Ever since Solyndra, a California manufacturer of solar panels, went bankrupt Sept. 5 with $535 million of federal loan guarantees, Chu and his Energy Department have been the focus of some unwanted attention. The department has been hammered by members of the House Energy and Commerce Committee, which has unearthed reams of Obama administration e-mails about internal rifts over the Solyndra loan guarantee. Rep. Cliff Stearns (R-Fla.), head of the panel’s oversight subcommittee, has gotten Chu to agree to testify Nov. 17. And GOP presidential candidate Newt Gingrich called for Chu to be fired for “grossly mismanaging federal dollars.”
“Daily Show” host Jon Stewart devoted eight minutes to the Solyndra affair and addressed lawmakers’ charges that the loan was based on politics, not merit.
“Maybe their hearts were in the right place and they bet on the wrong horse,” said Stewart of the Energy Department officials. “It’s not like there’s any damning evidence they knew in advance this horse was, in fact, a donkey.”
For Chu, a Nobel Prize-winning physicist, it has been a demonstration that the laws of politicsare more important in Washington than the laws of physics.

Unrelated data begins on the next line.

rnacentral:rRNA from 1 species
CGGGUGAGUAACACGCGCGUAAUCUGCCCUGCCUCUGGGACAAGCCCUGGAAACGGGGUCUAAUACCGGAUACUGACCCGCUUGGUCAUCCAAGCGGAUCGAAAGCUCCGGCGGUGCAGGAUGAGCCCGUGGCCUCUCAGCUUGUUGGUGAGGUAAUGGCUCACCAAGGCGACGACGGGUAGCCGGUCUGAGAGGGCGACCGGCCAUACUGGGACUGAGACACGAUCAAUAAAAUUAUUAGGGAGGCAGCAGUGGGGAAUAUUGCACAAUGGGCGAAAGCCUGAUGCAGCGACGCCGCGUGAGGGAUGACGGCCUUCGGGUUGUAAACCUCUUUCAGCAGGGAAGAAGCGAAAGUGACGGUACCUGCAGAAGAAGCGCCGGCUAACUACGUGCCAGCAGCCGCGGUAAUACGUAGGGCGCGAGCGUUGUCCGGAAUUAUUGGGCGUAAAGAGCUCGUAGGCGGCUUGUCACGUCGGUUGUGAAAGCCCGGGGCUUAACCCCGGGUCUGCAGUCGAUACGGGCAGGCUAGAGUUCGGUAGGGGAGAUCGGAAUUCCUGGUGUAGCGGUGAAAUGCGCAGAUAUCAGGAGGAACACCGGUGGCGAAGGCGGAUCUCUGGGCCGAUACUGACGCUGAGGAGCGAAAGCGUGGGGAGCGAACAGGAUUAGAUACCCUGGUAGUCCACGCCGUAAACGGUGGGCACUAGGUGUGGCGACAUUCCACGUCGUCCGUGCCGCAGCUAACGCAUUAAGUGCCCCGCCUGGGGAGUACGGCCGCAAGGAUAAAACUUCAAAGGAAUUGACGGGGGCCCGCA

For most of Chu’s time here, those laws have been aligned. President Obama is fond of the idea of having a Nobel Prize-winning physicist in his Cabinet, say people who have been in touch with senior administration officials.
The president liked Chu’s wonkiness, intellectual authority and devotion to planting technological seeds for slowing climate change. Though the Energy Department’s grant and loan guarantee programs were less than one-tenth of the 2009 stimulus total, Obama showcased many of the projects because, unlike road repairs, they held out the promise of gee-whiz innovation and of heightened competitiveness on a global stage.
Chu personified that gee-whiz character, and as a physicist he was able to understand the bulk of the Energy Department’s more mundane but important responsibility to manage the nation’s nuclear weapons stockpile. On the day Obama visited Solyndra in 2010, he mentioned that Chu — “who, as you know is a Nobel Prize-winning physicist” — was then in the Gulf of Mexico personally poring over plans, pressure equations and photos in an effort to plug BP’s leaking Macondo oil exploration well.
But now Solyndra has become a financial and political blowout, and it has made Chu look naive, at best, for saying in March that with Solyndra’s sales rising and its equity investors kicking in more money, he was “confident they can repay” the federal loan.
Weeks earlier, in a Jan. 31 e-mail, an Office of Management and Budget staffer was alarmed. The staffer wrote that an upcoming senior staff meeting “might present an opportunity to flag to DOE at the highest levels the stakes involved, for the [Energy] Secretary to do as he sees fit (and be fully informed and accountable for the decision).” The staffer, whose name was redacted, said, “Although [political] optics are generally out of our lane, it may be worthwhile for the [OMB] Director to privately make this point to the Secretary.” What happened at that senior staff meeting remains unclear.